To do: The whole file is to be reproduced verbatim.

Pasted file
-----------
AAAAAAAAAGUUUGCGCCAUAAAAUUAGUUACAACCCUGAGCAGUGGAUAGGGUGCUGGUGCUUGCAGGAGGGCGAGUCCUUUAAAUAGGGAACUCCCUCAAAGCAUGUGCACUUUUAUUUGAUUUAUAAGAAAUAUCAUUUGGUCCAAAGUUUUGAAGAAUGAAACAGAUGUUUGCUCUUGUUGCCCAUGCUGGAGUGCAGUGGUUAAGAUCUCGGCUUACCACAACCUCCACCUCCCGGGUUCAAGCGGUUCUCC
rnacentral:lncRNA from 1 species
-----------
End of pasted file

AAAAAAAAAGUUUGCGCCAUAAAAUUAGUUACAACCCUGAGCAGUGGAUAGGGUGCUGGUGCUUGCAGGAGGGCGAGUCCUUUAAAUAGGGAACUCCCUCAAAGCAUGUGCACUUUUAUUUGAUUUAUAAGAAAUAUCAUUUGGUCCAAAGUUUUGAAGAAUGAAACAGAUGUUUGCUCUUGUUGCCCAUGCUGGAGUGCAGUGGUUAAGAUCUCGGCUUACCACAACCUCCACCUCCCGGGUUCAAGCGGUUCUCC
rnacentral:lncRNA from 1 species